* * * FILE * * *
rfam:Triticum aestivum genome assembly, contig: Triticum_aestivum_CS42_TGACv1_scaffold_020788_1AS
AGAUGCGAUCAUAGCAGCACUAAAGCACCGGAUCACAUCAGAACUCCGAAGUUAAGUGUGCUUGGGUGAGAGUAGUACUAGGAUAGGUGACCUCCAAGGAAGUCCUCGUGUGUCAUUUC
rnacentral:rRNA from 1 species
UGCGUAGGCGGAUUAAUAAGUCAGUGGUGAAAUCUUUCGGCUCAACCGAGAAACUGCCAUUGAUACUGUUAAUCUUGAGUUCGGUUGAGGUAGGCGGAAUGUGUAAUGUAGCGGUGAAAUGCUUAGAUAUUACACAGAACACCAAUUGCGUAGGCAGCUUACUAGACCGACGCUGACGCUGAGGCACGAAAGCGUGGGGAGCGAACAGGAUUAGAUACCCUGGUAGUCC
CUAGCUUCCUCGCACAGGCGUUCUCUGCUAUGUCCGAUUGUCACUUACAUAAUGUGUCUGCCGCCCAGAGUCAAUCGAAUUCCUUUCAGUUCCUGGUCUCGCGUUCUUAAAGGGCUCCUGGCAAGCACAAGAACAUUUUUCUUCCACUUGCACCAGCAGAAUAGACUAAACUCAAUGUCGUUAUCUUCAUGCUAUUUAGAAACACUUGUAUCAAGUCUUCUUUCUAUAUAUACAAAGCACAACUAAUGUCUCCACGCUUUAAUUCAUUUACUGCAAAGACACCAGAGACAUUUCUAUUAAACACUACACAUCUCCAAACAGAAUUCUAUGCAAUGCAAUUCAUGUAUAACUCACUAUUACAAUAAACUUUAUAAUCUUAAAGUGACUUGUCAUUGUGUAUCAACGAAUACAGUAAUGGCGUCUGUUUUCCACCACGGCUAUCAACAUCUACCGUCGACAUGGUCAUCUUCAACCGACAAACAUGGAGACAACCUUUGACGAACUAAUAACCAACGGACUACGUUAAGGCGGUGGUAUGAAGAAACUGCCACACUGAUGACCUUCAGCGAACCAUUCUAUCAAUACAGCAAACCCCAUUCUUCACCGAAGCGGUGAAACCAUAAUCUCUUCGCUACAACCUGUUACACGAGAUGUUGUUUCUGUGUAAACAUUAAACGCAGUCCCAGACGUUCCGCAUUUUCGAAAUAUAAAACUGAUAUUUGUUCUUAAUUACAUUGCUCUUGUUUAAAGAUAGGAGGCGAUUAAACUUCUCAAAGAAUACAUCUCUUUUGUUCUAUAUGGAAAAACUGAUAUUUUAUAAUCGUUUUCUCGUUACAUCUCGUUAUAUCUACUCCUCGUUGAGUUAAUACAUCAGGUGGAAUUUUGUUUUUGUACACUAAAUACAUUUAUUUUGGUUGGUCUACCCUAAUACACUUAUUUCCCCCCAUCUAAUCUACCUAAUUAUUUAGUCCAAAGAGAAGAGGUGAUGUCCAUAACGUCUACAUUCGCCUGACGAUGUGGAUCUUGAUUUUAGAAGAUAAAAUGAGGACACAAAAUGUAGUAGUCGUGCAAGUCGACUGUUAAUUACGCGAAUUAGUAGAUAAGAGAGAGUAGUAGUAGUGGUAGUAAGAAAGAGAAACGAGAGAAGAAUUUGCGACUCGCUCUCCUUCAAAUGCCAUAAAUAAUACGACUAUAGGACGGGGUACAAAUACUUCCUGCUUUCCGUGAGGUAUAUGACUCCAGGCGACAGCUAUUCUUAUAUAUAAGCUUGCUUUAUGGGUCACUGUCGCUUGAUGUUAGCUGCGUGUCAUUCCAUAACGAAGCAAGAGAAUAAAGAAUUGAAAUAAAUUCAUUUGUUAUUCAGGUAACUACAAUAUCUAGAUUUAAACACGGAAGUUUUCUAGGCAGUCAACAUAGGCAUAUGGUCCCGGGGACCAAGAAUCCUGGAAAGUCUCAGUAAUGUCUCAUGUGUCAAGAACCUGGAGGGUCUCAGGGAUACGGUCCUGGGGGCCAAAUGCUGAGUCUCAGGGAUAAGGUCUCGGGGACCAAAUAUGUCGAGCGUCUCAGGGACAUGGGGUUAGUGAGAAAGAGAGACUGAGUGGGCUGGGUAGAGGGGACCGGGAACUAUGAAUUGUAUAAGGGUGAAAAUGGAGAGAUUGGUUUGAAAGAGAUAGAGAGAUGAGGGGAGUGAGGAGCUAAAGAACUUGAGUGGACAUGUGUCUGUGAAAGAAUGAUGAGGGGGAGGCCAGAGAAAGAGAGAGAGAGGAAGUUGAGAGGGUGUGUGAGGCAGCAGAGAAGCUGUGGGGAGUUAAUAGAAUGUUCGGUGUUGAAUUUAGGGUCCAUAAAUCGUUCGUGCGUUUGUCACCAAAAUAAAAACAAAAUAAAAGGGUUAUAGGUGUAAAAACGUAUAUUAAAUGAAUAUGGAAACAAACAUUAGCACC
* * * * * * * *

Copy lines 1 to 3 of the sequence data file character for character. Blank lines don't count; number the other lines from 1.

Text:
rfam:Triticum aestivum genome assembly, contig: Triticum_aestivum_CS42_TGACv1_scaffold_020788_1AS
AGAUGCGAUCAUAGCAGCACUAAAGCACCGGAUCACAUCAGAACUCCGAAGUUAAGUGUGCUUGGGUGAGAGUAGUACUAGGAUAGGUGACCUCCAAGGAAGUCCUCGUGUGUCAUUUC
rnacentral:rRNA from 1 species